I should like to turn quickly--well, perhaps not too quickly--to considerations of health and local government finance in Scotland. For Scotland, the Budget is for the short term, not the long term. It does Scotland no good overall. The Chancellor is thinking only of the next few desperate months rather than the long-term prosperity of the country. Despite last week's cut in income tax, the fact remains that there have been 22 tax rises since the last election. Conservative Members do not like hearing that, but it is a fact of life.

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The Tories are in control of the national finances, but we hear nothing about taking action on VAT on fuel. Labour has made a clear commitment to reduce it to the minimum of 5 per cent. VAT on fuel is a pernicious tax, particularly in Scotland, because of the colder weather.

Mr. Jack indicated dissent.

Mr. McAvoy: The Minister scoffs, but his Government accept that the colder weather in Scotland justifies having certain mechanisms brought into play when the temperature reaches a certain level. The Minister should not scoff at what his Government practise.

I make no bones about the fact that the Secretary of State for Scotland has been very clever--time will tell whether he has been successful--in portraying the cash settlement for the Scottish Office as a success, despite the fact that, according to the Government's figures, total Scottish Office spending will fall in real terms by £522 million next year, and by a further £359 million in the two years after that. Spending will therefore be cut by £881 million in real terms over the next three years. That is a 6 per cent. cut. Again, there is a suspicion that those future cuts are being projected to get tax cuts now to help the Tories at the election.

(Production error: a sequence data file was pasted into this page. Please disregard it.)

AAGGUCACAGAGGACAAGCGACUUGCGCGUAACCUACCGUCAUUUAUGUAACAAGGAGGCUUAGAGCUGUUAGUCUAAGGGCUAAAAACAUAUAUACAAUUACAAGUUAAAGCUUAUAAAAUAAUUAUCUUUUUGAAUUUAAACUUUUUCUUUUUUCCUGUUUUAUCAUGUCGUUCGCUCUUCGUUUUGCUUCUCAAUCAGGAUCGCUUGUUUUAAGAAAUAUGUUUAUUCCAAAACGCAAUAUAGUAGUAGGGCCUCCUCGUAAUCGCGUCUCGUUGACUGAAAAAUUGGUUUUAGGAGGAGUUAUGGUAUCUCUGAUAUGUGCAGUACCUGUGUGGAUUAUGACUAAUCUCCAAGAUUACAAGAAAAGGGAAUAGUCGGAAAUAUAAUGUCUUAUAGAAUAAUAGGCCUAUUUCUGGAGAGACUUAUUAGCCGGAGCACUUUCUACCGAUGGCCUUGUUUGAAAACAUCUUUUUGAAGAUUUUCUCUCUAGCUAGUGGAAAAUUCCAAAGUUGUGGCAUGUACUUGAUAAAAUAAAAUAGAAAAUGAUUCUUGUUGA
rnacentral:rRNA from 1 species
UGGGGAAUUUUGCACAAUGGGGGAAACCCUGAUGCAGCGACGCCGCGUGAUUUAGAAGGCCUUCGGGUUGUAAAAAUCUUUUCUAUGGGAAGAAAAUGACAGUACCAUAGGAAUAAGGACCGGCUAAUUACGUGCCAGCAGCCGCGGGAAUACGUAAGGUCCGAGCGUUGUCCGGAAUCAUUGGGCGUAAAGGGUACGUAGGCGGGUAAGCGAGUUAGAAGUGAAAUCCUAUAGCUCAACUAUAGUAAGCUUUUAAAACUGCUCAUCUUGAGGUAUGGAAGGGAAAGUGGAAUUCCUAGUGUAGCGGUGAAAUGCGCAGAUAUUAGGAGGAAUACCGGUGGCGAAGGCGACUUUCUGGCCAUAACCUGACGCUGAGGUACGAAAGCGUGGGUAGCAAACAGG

The nastiest aspect of the Conservatives' treatment of local government in Scotland has been laying the burden of community care on Scottish local authorities. Because people are living longer and there are real problems with senile dementia and Alzheimer's, many people are looking for places for the elderly in local authority homes, and the authorities cannot supply those places.

It is despicable that elderly people in that position are left trying to put pressure on the local authority when it has not been allocated the funds by central Government to provide those places. That is a mounting problem in Scotland, as it will be elsewhere in the UK, and it is completely wrong.

None of these measures will work. The Government can talk as cleverly as they want about the Red Book, and can quote all sorts of percentages, agreements and projections, but the facts of life are that no one believes them. Within six months, they will find that out.